According to the late William Moss, former director of the Smithsonian Institution (SI) Archives, the Smithsonian’s National Anthropological Archives (NAA) is “document for document the richest archival research resource in the Institution,” and that in comparison to other SI archival repositories the NAA “probably supports more significant research than any of the others” (NAA correspondence files). These accolades stand in contrast to the lack of awareness among most anthropologists about what the National Anthropological Archives is, what it collects, and why it matters. In conjunction with the ASA we have organized several events at the AAA meetings in DC to shine some light on the NAA, beginning with this guest column.
About the NAA
The NAA is an archival repository that sits organizationally within the Department of Anthropology (DoA) of the Smithsonian’s National Museum of Natural History (NMNH). Its mission is to collect, preserve, and make accessible historical and contemporary materials relating to the history of all four fields of anthropology and the cultures of the world.
The NAA was formed in the early 1960s when the separate archives of the Bureau of American Ethnology (BAE), and those of the DoA were combined. The merged archives were formally named the National Anthropology Archives in 1968, the same year that the American Anthropological Association adopted a resolution addressing the need to preserve the archives of anthropologists. Introduced by George Stocking, the resolution also stated that the NAA would serve as the default repository for anthropological materials not committed to other institutions. The original core of the NAA’s collections stems from the major surveys of the American West and the investigations of the BAE. Formed in 1879, the BAE was the brainchild of John Wesley Powell, after observing the extent to which traditional languages and cultural practices of indigenous Americans were diminishing in the wake of Western expansion.
Funded by congress, the BAE became a department within the Smithsonian that sought to document these rapidly changing cultures by sending linguists, ethnologists, and archaeologists to carry out what we now call salvage anthropology.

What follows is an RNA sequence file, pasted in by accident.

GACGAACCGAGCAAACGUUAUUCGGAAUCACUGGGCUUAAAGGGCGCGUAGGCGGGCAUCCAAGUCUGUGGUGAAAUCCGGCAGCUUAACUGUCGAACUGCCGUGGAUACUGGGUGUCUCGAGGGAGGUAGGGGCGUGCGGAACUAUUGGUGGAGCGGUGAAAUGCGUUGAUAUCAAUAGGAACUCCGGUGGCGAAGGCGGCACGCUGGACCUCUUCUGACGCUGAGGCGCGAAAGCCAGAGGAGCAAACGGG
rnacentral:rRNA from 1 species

The merging of the BAE and the DoA archives expanded the NAA’s collecting focus to the global, thus enhancing its ability to build a comprehensive collection, which continues to grow. Recent acquisitions include the papers of Marvin Harris, Melford Spiro, and Robert Rankin. We also collect the papers of lesser-known anthropologists, as a significant amount of important research data remains unpublished. The NAA is also the official repository for the records of over 30 anthropological organizations, including the American Anthropological Association and the Society of American Archaeology. The DoA’s material culture and specimen collections have related field notes, photographs, and other material in the NAA that document provenance and the research of their collectors.
The NAA serves hundreds of on-site and remote researchers per year, and is by far one of the busiest archives in the Smithsonian. Patrons include members of Native communities, academic researchers from many disciplines, students, and artists, who put the NAA’s collections to a wide range of uses. Last year alone, the NAA received permission requests to use its material in over 180 books, articles, exhibits, dissertations, films, and curricula. Additionally, the NAA’s collections are vital to programs such as the Summer Institute in Museum Anthropology, the National Breath of Life Archival Institute for Indigenous Languages, Recovering Voices, and the NMNH Repatriation Office. The Archives are also a valuable resource for colleagues wishing to examine prior work on their areas of research.
Preserving the Anthropological Record